But once the tournament start today, I feel more focused the last few days, and I just don't try to practice too much and run off my energy. But I think tomorrow when I stand on the first tee I'm still going to feel fresh and ready to go.
Q. In discussing your successes you've often made reference to your team. Who do you consider in that circle and what are their roles?
YANI TSENG: Ernie Huang, he was here, he lives in San Diego, he kind of takes care of lots of things. And my manager and I, she's always one traveling with me and taking care of lots of my stuff when I'm traveling on the Tour. And my coach Gary Gilchrist, he's coming out a few times this year. He was here last week in San Diego, and he came here, too, so it's kind of helping me game a little bit. We've been changing my swing and improving a lot on my swing. And my trainer Power Huang, he's in Taiwan, but he's going to come out the next couple months to make sure my fitness is good and to make sure I'm recovering from the tournament.
And like this year I just work one‑on‑one with a physio and I think that's going to help a lot because my elbow and my back sometimes gets sore. He's one that's going to help me a lot, too.
THE MODERATOR: Thank you very much, and best of luck the rest of the week.
PAULA CREAMER: Yeah, it was a nice little birdie. I played pretty well today. It wasn't my best, but I hit 16 greens, and I can't complain with that. But the green speeds I kind of struggled with, left everything pretty much short, or if not, just rolling into the front edge. But it's Thursday, and you can't win it today, but you can put yourself in a good position, and we'll take it.
Q. Is this the slowest you've seen these greens?
PAULA CREAMER: I think so, and I think that's kind of why mentally I've not been quite as aggressive as I should be because I'm thinking they're going to be so fast. I don't think this putting green is the same as the golf course. This is getting pretty fast, and when you get out there, it's almost Velcro.
Q. Were you happy to be playing with Yani? Do you like that pairing?
PAULA CREAMER: I do. I feel like I've played with her a lot this year. Seems like every week, at least one of the days, I'm playing with her. Unfortunately not on Sundays. But I am getting used to it. Obviously you're playing the golf course, but of course she's going to be right in there on Sunday, best player in the world, and it's good to play with people that are going to push you.
Q. Considering your history here, no top 10s, how happy are you to get off to a start like this on a course that's given you problems?
PAULA CREAMER: I feel good. Like I said, you can't win it today, but I just need to keep putting myself in spots where I need to be. My birdies will come. I made two good par saves today, but just trying to play patient. Even though there's no rough out here, you still have to be 100 percent in it on every shot because sometimes it can get you out here, and I feel good. I feel good where I'm at.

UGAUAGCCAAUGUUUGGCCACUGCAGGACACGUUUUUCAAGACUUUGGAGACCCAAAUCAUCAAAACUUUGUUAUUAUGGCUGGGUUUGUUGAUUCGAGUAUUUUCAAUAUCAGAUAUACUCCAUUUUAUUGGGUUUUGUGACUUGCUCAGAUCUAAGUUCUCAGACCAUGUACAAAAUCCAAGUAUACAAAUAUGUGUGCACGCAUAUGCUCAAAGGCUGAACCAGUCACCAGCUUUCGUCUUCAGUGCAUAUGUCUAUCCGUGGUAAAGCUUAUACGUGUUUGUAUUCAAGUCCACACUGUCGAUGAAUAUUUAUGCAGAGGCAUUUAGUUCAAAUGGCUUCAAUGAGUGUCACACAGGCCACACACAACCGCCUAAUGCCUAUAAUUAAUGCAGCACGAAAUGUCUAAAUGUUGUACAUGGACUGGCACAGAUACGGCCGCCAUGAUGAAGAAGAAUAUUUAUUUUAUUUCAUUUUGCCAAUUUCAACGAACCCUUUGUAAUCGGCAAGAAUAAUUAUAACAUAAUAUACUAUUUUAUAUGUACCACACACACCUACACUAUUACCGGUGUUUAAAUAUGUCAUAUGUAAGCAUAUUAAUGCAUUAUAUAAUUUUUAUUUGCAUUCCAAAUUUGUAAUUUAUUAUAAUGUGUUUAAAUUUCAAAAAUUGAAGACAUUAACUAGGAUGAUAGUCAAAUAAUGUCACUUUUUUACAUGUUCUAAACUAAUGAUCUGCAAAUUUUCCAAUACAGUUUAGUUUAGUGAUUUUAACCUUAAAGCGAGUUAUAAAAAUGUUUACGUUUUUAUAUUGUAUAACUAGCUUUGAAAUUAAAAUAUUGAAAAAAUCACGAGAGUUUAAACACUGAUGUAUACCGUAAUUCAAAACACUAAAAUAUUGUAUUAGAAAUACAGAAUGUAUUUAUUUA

Q. Is the rough leading to any jumpers?
PAULA CREAMER: There's a couple. I mean, yesterday in the practice rounds I dropped a bunch of balls, and pretty much every one of them was a flier, so you do have to watch for that. But it's not horrible. You have to just kind of look at it and assess it, but it's not like it's taking 10 yards off or 12 yards off. It's pretty normal.
Q. Is it at a point where people do look to see what Yani has done or is doing, or do you try to just ignore it? You play the golf course, but are you curious what she's doing if you're not playing with her obviously?
PAULA CREAMER: Well, I played with her so I know what she's doing. I mean, yes and no. You can't get wrapped up with one person out on the golf course. You have to take care of yourself. I think a little bit of that has happened probably. The end of last year people worrying a lot about what she's doing and how she's playing and not really taking care of your own game, and it's easy to do when you have a player who's been so dominant. Of course you're going to see where she's at.
Q. It's kind of a contradiction almost, the LPGA is certainly getting a lot of attention from her good play, but gosh, they do need a rivalry. How does that happen? Just play better?
PAULA CREAMER: I would think so, yes. People need to just step up to the plate and give her a bit more competition.
THE MODERATOR: We'd like to welcome our current leader Amy Yang into the interview room. Congratulations on a great round out there today, 6‑under par. Can you take me through the day and how the course was playing and what was working well for you?
AMY YANG: You know, 6‑under par, it was a great day. My game felt good. Everything was working well. I think especially my putting was worked better than other tournaments.
I had a couple shots like went into the trees, and it was hard to play, but I had some good par saves and good birdie putts.
THE MODERATOR: We were talking about the greens and how beautiful they are this week. How nice is it to be playing on those greens, and do you just notice a difference in your putting when you're able to play on smooth greens like that?
AMY YANG: It's great. It's great speed, too, and it's holding where I aim to, so it's comfortable.